‘star Wars’ Origins: Which Characters Should Get Their Own Movies?

Smoluch Del Sorbo thinks itas a very natural trend for Canadian filmmakers. aCanada is an incredibly multicultural place and filmmakers have deep roots in or strong connections to different parts of the world,a she says. aWe also have filmmakers who see a clear need for an important foreign or global story to be told and they have the means and skills to do so and provide a new and valuable perspective.a Whatas happening in Canada is part of a larger trend worldwide. Technological change has paved the way for simultaneous release dates across several continents, and the rise of China as a potential market has forced filmmakers to think in more international terms. Look at your local multiplex. The landscape has changed: Martial arts stars play opposite Yankee action heroes, French ingenues star in Middle Eastern family dramas and directors such as Ang Lee shoot Life of Pi and other Canadian bestsellers on location in Taiwan. The push toward a more global marketplace is constant and palpable, but veteran Canadian filmmakers such as Bruce McDonald and Bruce Sweeney say the quirky Canadian tradition that features flawed men, potent women and a curious lack of special effects is still possible. aIf youare asking for $8 million, the financial people in the industry are going to want a famous person to drive the financing,a says McDonald, who returns to TIFF with The Husband, 25 years after making his festival debut with Roadkill. aIf you want the big toys … you have to be ready for that,a he says. aThatas whatas great about this movie. Itas a mix of veterans and new faces.

The 44-year-old actress – who has received several accolades including a star on the Hollywood Walk of Fame and two BAFTA awards – may be one of the most wanted stars in Hollywood, but she feels she needs to stop agreeing to appear in so many movies. Speaking to the Metro newspaper, she said: ”I think there are way too many films made and I’ve probably made way too many films. But I do think there’s something about live performance that is compelling. It reveals what it means to be human. ”It’s a very intimate, connective art form. That’s why I do it. All of the stuff – ”What are you wearing? Who do you like kissing the most?” – that goes along with it doesn’t interest me in the least. But the art form does interest me.” Blanchett – who has previously starred alongside the likes of Brad Pitt, George Clooney and Matt Damon – insists she’s not interested in big-budget blockbusters and just prefers to work alongside great actors instead. She explained: ”In my career, I’ve never wanted to get anywhere in particular. I just wanted to work with interesting people on interesting projects.”

That’s why there should be a movie to explain this. A movie about Tarkin would be a movie about the rise of the Empire itself as well as an origin of the Death Star. It might as well be called Star Wars: Death Star. Who wouldn’t want to see a movie called Star Wars: Death Star? Who should play Tarkin? Would anyone turn down the chance to watch Christoph Waltz, as Tarkin, connive his way through the ranks of the Empire to become one of the most powerful men in the galaxy? (OK, yes, I’m aware that’s extreamly wishful casting.) With a Tarkin movie, this provides access to pretty much every member of the Empire, including Darth Vader. As for Tarkin’s polar opposite in the Rebel Alliance: Mon Mothma “We are hoping to form an alliance in the senate to stop the chancellor from further subverting the constitution.” These are the words spoken from Mon Mothma during a deleted scenes from Revenge of the Sith. Also, it’s insane to me that all of Mon Mothma’s scenes in Revenge of the Sith were cut. When Mon Mothma showed up during Return of the Jedi, an 8-year-old me thought to myself, Oh, she must be important. This is what’s insane to me: Grand Moff Tarkin and Mon Mothma have so much to do with the Galactic Empire and the Rebel Alliance, respectively, yet their roles in the prequels are next to nothing. Like Tarkin, the name of a Mon Mothma movie could be called Star Wars: Rebel Alliance. Who would not want to watch a movie called Star Wars: Rebel Alliance?. But, seriously, why create two such interesting characters that obviously have so much influence and do nothing with them? Anyway, I understand the world we live in and I understand, in 2013, what governs movies that are made.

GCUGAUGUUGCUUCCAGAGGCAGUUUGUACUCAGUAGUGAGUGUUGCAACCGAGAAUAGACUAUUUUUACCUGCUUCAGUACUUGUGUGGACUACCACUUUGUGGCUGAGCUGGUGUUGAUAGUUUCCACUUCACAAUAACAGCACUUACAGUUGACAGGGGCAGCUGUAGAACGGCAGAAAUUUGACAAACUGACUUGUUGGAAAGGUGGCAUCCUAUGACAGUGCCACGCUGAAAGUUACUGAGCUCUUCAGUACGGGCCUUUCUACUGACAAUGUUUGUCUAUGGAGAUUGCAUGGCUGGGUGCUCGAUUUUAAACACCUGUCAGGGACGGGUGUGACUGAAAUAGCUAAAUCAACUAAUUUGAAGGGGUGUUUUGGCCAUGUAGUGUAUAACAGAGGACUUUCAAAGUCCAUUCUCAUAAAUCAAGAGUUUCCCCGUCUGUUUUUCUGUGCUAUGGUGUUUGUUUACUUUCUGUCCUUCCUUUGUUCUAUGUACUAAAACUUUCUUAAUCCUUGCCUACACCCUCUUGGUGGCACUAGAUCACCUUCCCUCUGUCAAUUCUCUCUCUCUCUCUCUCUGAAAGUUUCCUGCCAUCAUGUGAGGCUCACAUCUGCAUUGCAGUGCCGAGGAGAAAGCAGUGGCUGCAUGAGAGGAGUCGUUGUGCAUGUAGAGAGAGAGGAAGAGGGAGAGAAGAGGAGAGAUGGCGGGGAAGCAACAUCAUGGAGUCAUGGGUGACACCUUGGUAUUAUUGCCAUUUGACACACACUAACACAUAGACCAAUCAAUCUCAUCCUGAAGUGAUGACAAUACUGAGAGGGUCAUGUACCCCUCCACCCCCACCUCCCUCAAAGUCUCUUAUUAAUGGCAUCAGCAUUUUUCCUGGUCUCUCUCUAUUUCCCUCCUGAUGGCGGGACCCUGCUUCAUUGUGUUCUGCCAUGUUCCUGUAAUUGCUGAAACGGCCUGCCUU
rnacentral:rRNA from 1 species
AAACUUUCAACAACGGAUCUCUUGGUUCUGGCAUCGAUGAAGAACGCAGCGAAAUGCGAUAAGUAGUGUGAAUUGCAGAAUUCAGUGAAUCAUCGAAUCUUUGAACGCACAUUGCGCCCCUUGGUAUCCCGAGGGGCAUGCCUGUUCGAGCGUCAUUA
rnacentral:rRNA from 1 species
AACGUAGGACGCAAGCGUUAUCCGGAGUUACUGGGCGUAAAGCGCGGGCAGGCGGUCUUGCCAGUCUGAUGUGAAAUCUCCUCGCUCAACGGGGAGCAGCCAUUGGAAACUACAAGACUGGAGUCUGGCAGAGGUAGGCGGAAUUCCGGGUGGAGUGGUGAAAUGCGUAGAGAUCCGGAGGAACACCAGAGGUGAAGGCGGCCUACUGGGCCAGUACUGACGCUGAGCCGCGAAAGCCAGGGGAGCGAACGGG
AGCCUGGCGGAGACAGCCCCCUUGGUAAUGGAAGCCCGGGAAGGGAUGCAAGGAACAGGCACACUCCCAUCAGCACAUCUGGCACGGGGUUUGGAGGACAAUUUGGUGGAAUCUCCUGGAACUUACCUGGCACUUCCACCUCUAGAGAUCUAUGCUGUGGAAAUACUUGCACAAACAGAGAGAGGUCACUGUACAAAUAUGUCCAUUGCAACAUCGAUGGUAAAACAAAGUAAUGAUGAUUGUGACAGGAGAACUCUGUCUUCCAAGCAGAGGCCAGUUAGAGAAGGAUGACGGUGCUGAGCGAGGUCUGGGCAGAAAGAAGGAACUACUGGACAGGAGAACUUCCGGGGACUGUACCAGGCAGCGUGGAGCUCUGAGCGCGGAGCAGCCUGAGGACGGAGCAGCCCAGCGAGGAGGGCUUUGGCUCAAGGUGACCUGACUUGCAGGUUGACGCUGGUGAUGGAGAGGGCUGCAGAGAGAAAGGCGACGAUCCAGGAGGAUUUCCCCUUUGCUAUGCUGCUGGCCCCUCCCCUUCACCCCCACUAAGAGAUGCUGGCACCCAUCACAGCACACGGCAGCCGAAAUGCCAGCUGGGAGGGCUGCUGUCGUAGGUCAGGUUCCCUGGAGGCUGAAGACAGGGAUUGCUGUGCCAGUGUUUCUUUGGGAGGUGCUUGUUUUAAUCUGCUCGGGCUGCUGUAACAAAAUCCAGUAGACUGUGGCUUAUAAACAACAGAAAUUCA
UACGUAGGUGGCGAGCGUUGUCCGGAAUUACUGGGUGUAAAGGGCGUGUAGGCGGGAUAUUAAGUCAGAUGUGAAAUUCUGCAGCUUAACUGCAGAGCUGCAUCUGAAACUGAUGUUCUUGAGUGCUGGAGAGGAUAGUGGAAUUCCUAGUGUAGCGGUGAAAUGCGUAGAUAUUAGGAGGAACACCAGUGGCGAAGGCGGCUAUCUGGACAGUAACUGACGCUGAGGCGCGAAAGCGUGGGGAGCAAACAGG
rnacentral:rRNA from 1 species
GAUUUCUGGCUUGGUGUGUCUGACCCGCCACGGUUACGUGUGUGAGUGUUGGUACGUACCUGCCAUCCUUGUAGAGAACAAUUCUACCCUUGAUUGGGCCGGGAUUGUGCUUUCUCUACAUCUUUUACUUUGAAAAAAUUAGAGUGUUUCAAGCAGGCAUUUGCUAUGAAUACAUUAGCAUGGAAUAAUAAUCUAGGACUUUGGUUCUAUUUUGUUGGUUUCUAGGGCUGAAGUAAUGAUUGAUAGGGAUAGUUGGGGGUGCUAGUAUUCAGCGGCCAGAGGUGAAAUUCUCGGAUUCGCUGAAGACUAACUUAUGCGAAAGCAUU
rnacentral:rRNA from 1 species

Horror movies: Why we watch them

I can’t remember the first horror movie she talked me into seeing, but we had such a good time trying to scare each other during and after the movie that I decided to give the genre another chance. While I still don’t care for slasher movies, the supernatural ones get my blood pumping and my adrenaline going. I think the key to not letting myself get freaked out is to remember that while the film may claim to be a true story or may seem realistic, it’s only a movie. Even the “true story” films have to add drama to make it exciting, and many directors take great liberties with the real events. I remember watching The Blair Witch Project in the theater in 1999. As I had been lost in the woods in the dark before, the movie terrified me. Years later, when I was teaching at a community college, I showed the movie to my class on Halloween. Several students fell asleep and the ones who stayed awake through the whole thing were wholly not scared . Sure, what scares each person is going to be different, and the hand-held filming of The Blair Witch Project can’t hold much of a candle to the special effects-heavy flicks that are being made today. But why was I (still) so scared of Blair Witch? Why do I go pay good money to see scary movies? Why does anyone? The following list is compromised of horror movies that I have seen in the last year or so.